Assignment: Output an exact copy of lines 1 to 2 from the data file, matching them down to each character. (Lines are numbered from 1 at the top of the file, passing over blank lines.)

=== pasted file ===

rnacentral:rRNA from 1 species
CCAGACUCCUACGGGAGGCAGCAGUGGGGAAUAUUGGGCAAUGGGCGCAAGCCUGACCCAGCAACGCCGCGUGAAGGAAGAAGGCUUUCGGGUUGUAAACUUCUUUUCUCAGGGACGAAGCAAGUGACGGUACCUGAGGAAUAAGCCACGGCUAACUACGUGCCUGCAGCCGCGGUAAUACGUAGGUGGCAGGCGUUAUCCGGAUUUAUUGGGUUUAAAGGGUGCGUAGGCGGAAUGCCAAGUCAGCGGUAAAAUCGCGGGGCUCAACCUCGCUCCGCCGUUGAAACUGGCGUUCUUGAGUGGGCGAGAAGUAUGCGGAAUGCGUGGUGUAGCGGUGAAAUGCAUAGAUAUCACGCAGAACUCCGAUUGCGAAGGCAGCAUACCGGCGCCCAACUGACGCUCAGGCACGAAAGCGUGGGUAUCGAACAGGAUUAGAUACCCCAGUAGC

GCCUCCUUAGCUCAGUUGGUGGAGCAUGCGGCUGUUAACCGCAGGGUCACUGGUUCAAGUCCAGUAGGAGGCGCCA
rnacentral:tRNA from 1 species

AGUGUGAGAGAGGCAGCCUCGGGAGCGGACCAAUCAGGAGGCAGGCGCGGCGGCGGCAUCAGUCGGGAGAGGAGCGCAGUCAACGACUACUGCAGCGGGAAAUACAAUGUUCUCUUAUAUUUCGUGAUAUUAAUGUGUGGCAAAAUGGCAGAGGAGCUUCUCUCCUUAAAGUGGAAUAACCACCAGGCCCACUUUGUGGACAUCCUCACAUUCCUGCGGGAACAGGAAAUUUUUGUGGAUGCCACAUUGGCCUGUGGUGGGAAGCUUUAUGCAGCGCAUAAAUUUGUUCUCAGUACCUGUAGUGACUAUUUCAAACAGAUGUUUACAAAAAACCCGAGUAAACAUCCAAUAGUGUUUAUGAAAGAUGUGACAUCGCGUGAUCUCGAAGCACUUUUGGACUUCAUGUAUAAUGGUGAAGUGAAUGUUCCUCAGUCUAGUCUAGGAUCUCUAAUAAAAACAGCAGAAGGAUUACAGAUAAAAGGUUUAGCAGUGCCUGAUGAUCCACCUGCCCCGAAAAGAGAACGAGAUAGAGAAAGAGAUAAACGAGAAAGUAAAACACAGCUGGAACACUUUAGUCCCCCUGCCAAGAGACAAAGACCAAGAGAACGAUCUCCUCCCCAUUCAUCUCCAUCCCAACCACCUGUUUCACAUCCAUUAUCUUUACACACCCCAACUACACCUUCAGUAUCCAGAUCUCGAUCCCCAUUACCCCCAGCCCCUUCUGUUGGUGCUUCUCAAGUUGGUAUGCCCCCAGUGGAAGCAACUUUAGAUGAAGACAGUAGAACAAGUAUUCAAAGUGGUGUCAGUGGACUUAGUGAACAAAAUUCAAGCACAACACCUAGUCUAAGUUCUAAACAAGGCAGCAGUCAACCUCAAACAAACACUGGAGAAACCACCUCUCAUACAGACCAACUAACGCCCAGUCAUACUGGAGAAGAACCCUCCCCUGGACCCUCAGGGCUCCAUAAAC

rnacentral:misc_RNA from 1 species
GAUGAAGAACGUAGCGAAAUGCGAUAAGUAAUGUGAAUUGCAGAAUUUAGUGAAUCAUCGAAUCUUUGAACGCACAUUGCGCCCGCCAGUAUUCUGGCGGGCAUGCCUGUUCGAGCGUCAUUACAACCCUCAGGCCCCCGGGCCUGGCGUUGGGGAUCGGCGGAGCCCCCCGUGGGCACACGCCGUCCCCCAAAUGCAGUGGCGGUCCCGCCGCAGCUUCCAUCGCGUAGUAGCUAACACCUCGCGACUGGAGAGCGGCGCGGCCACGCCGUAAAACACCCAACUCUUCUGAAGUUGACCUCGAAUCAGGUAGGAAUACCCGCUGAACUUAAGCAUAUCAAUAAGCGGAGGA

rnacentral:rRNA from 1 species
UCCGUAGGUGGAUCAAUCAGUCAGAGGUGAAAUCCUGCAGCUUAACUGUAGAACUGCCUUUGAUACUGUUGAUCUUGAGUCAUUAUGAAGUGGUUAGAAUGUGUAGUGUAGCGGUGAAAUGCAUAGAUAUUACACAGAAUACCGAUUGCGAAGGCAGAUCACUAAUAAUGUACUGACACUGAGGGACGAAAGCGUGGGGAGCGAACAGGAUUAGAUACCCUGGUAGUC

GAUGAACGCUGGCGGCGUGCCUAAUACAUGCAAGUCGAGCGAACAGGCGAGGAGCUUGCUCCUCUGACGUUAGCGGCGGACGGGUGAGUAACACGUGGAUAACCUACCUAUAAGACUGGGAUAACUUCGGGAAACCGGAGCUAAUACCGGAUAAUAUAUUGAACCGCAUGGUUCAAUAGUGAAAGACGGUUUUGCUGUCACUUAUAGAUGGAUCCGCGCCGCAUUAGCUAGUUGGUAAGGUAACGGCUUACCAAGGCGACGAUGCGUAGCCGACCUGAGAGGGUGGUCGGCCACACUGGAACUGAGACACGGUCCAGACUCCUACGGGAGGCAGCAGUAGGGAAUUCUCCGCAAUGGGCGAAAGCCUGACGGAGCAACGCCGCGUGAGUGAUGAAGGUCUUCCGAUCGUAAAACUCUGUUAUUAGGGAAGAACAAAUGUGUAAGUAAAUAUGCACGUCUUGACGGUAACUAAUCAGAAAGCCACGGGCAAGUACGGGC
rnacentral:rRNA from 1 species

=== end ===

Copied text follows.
rnacentral:rRNA from 1 species
CCAGACUCCUACGGGAGGCAGCAGUGGGGAAUAUUGGGCAAUGGGCGCAAGCCUGACCCAGCAACGCCGCGUGAAGGAAGAAGGCUUUCGGGUUGUAAACUUCUUUUCUCAGGGACGAAGCAAGUGACGGUACCUGAGGAAUAAGCCACGGCUAACUACGUGCCUGCAGCCGCGGUAAUACGUAGGUGGCAGGCGUUAUCCGGAUUUAUUGGGUUUAAAGGGUGCGUAGGCGGAAUGCCAAGUCAGCGGUAAAAUCGCGGGGCUCAACCUCGCUCCGCCGUUGAAACUGGCGUUCUUGAGUGGGCGAGAAGUAUGCGGAAUGCGUGGUGUAGCGGUGAAAUGCAUAGAUAUCACGCAGAACUCCGAUUGCGAAGGCAGCAUACCGGCGCCCAACUGACGCUCAGGCACGAAAGCGUGGGUAUCGAACAGGAUUAGAUACCCCAGUAGC